A: It had to happen. And the tone I really tried to set was I wanted a bias towards action and not just doing things the same way. Because if we did, we were not going to change the dynamic to actually get new units constructed that San Diegans can afford. And that's why we worked so hard on updating all of our community plans — more than we've ever done in the history of San Diego — and particularly with the focus the last two years on Complete Communities. And to see that strong support at the council, which gave us our ability to really get these units constructed, remove regulatory barriers, allow for additional infrastructure, and I think most importantly allows for by-right development. It's all really a culmination of the work that we've done over the last several years with one goal: We need to increase housing supply, cut the red tape, lower costs with a particular emphasis on housing that's affordable for San Diegans.


Q: The hepatitis A outbreak, I imagine, was a really tough time to be mayor of San Diego. People were getting sick and dying. Many of them were homeless. And it really put the city's homelessness crisis under the microscope. What did you learn from that experience?

A: I will tell you, there are a lot of lessons, hard lessons, learned from Hepatitis A that struck countywide, but hit us particularly hard in the urban portion of San Diego. And it really, from my perspective, was a stark reminder that the status quo was not working. And so when I look at some of the significant changes that have come out of that, first and foremost, a stronger relationship with the county on tackling regional emergencies, but really a new effort and energy that said allowing tents on the sidewalk is unacceptable.

And that was the genesis for the creation of our bridge shelter network. We have the ability to house every night up to 1,000 individuals. Our storage centers and really the safe parking lots we've done. Family reunification. It's really been an all hands on deck effort. And I will tell you, as I look at particularly over the last year with a lot of the changes and the reforms that we've made that have really come to fruition with our Operation Shelter To Home at the convention center, where since March we have put 800 folks into a place of their own, with another 300 that are in progress with a resource that they can get into. We are doing things differently in San Diego. It shows. We have a lot of work to do. But I think the fact that we are the only urban county in California where homelessness has actually decreased over the last two years speaks volumes of the concerted effort that we have taken in our region with one goal: How do we get people off the street, not just for a night or a week, but for good?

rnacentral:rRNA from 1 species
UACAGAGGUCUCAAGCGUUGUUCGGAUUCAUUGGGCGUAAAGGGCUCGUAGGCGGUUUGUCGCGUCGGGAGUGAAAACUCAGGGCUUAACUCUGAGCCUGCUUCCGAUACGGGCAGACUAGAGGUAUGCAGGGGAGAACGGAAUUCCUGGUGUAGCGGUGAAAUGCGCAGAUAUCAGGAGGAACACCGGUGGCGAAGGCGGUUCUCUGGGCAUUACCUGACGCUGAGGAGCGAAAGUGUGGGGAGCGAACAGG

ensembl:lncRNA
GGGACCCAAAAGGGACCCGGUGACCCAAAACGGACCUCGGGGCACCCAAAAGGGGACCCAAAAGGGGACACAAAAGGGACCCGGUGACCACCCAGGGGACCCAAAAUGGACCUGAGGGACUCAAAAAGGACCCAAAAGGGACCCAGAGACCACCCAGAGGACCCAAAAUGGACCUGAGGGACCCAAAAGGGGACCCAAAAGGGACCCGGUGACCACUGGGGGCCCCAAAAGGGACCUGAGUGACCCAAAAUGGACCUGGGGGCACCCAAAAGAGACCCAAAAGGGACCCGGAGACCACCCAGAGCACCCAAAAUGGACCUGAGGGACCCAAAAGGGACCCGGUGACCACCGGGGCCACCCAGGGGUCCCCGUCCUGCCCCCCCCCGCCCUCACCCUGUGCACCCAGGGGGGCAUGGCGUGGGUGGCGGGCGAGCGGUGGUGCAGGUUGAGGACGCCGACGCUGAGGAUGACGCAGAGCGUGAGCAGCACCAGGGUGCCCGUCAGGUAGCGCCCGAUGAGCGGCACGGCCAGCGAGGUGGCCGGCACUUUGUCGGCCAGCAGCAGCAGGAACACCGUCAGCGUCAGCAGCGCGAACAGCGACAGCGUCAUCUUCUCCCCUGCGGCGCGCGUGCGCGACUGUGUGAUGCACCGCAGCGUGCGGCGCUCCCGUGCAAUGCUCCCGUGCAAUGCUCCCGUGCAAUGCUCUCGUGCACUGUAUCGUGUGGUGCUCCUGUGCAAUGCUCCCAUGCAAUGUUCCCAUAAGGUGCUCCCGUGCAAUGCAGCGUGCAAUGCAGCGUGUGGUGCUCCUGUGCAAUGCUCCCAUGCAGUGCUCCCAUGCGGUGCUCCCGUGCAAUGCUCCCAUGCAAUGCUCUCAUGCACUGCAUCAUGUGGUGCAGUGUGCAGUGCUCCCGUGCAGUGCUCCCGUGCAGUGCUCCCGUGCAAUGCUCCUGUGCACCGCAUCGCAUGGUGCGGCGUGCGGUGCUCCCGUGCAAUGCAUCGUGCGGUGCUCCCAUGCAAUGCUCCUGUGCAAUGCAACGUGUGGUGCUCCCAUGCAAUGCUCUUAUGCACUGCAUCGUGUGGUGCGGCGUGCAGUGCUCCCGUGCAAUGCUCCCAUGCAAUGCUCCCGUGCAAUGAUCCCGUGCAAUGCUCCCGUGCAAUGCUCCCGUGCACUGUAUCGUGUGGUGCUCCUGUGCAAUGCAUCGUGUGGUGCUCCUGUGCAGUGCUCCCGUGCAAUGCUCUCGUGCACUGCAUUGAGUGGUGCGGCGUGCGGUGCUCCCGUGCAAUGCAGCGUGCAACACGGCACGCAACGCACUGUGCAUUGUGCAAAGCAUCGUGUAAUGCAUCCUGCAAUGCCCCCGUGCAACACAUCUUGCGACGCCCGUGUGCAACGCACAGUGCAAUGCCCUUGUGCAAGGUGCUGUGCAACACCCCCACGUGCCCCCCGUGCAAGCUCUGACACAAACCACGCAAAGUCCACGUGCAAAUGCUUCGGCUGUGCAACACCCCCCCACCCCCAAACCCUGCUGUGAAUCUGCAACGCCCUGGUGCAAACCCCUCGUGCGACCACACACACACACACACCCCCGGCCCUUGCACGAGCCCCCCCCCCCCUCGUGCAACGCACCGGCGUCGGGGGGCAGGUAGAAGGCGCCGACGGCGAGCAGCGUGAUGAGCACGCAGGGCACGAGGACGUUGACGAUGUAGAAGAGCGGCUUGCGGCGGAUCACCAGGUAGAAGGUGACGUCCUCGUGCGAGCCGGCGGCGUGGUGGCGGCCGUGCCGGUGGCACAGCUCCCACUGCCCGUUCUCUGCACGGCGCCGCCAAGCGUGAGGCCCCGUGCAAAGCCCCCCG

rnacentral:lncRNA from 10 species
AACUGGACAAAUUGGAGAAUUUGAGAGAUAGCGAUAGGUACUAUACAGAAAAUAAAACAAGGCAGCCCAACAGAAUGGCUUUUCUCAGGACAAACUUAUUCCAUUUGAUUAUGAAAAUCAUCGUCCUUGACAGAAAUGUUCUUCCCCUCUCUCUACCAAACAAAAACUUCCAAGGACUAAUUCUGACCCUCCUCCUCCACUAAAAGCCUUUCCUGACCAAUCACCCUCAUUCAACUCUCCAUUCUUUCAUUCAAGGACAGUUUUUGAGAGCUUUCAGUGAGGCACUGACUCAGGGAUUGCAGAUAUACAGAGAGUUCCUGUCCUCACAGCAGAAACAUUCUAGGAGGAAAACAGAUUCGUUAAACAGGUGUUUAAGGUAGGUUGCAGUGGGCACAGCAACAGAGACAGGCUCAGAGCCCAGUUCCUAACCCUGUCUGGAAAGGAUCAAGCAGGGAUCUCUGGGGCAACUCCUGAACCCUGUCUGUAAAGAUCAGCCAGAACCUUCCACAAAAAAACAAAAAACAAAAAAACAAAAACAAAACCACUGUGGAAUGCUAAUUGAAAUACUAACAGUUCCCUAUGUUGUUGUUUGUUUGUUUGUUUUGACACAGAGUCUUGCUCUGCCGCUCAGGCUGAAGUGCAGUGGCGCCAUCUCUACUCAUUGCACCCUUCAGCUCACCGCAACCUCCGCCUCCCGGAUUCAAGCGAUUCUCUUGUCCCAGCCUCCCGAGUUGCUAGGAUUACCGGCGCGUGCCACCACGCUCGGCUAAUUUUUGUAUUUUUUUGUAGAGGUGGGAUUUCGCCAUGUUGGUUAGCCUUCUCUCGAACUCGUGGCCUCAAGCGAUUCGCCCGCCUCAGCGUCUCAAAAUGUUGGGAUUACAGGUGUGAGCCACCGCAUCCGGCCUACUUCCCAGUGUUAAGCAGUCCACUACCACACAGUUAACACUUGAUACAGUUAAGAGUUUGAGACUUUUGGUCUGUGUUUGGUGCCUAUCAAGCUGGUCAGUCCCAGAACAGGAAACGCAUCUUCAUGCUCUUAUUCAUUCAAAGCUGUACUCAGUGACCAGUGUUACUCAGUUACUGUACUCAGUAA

Q: You've said publicly you're considering running for governor in 2022. Of course you know there are currently no Republicans in statewide office and the party in much of the state seems to have really suffered under the brand of Donald Trump. What is the message that you think can unite the Republican Party and also win over enough Democrats and independents to win the state?

A: Well, I am giving it serious consideration, and I've really tried to set the tone as mayor. It's not about Republican or Democrat. It's what's the right thing that we should be doing? That's how I've set my governing style. And since I've been mayor, obviously, I've had a majority City Council of Democrats. But when you treat people with dignity and respect, even if you disagree with them, and you focus on the issues that matter to San Diegans, you can achieve real results. And I think we've been able to do that in San Diego. And I think as we look to the future of California, I think it's important to have a competition of ideas. I think it's important to not just have one party rule. And so those are all the factors that I think are important for California moving forward. And again, with that emphasis on let's get new ideas, let's try things differently, let's have that back and forth. I think that has made our city stronger and I think it can make California stronger.